Many Veterans that apply for veterans disability have Gulf War service and have related gulf war veterans disabilities. Unfortunately, a related veterans disability committee was gutted. VA secretary Shinseki has reportedly cut the budget of a vital gulf war illness research panel. He has also limited the independent nature of the panel. Previously the research panel was independent of the VA, but now the panel will be partially replaced by regular VA rank and file.
Retaliation by VA Secretary?
Unfortunately, it appears that Shinseki is acting in retaliation to a prior ‘no confidence’ vote by this board . The VA may have mislead the public on research on gulf war syndrome that may have led to more VA benefits for veterans. Unfortunately the board is being reduced, the chairman is being fired, and the scope of the committee is being reduced. A 2008 report by this committee concluded that gulf war syndrome is a physical as opposed to a mental condition. Many Veterans with these disabilities suffer from both, and this will affect their VA disability benefits. They also found that gulf war syndrome is caused by toxins, such as sarin, anti-nerve-agent pills and insect repellents that many gulf war veterans were exposed to. It appears many at the VA are resistant to these scientific findings. Any reduction in the independence of this scientific committee is a serious blow for this research.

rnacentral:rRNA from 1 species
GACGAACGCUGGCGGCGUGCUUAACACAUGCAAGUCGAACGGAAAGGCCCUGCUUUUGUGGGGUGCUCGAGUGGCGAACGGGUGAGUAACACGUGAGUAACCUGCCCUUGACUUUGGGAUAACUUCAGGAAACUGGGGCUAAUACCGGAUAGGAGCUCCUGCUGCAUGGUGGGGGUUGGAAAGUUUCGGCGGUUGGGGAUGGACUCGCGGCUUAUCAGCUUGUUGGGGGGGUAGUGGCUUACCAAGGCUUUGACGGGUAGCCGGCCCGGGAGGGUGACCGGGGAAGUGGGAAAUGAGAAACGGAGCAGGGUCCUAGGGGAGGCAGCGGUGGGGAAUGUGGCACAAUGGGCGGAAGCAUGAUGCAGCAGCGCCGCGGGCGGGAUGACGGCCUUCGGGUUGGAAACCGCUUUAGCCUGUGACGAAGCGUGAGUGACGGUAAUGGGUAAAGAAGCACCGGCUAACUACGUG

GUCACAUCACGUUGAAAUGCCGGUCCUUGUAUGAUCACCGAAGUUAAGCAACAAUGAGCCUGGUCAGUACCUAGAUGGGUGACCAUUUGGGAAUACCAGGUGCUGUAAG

While its by far an objective or scientifically based opinion I have seen much resistance by the VA in terms of paying benefits to Veterans with gulf war syndrome. This problem has also been expressed by fellow Veteran advocates. This is a disconcerting trend since the science seems to indicate that these illnesses are a direct result of chemicals and pollutants that were pervasive in the gulf war region.